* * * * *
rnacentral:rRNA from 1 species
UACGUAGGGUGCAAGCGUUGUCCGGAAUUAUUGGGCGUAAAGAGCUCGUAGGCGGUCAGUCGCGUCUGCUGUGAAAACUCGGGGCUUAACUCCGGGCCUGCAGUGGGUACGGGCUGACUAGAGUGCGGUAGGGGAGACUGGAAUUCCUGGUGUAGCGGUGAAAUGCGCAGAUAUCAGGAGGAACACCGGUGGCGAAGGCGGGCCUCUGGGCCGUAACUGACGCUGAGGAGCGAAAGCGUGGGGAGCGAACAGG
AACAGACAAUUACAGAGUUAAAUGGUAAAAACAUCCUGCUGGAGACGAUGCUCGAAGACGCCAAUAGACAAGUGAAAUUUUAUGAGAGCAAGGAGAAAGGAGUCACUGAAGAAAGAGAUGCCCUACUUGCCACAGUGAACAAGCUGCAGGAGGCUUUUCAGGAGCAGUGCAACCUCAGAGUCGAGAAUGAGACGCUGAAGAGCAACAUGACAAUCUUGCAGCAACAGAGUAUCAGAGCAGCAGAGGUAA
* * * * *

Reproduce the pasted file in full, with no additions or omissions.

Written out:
rnacentral:rRNA from 1 species
UACGUAGGGUGCAAGCGUUGUCCGGAAUUAUUGGGCGUAAAGAGCUCGUAGGCGGUCAGUCGCGUCUGCUGUGAAAACUCGGGGCUUAACUCCGGGCCUGCAGUGGGUACGGGCUGACUAGAGUGCGGUAGGGGAGACUGGAAUUCCUGGUGUAGCGGUGAAAUGCGCAGAUAUCAGGAGGAACACCGGUGGCGAAGGCGGGCCUCUGGGCCGUAACUGACGCUGAGGAGCGAAAGCGUGGGGAGCGAACAGG
AACAGACAAUUACAGAGUUAAAUGGUAAAAACAUCCUGCUGGAGACGAUGCUCGAAGACGCCAAUAGACAAGUGAAAUUUUAUGAGAGCAAGGAGAAAGGAGUCACUGAAGAAAGAGAUGCCCUACUUGCCACAGUGAACAAGCUGCAGGAGGCUUUUCAGGAGCAGUGCAACCUCAGAGUCGAGAAUGAGACGCUGAAGAGCAACAUGACAAUCUUGCAGCAACAGAGUAUCAGAGCAGCAGAGGUAA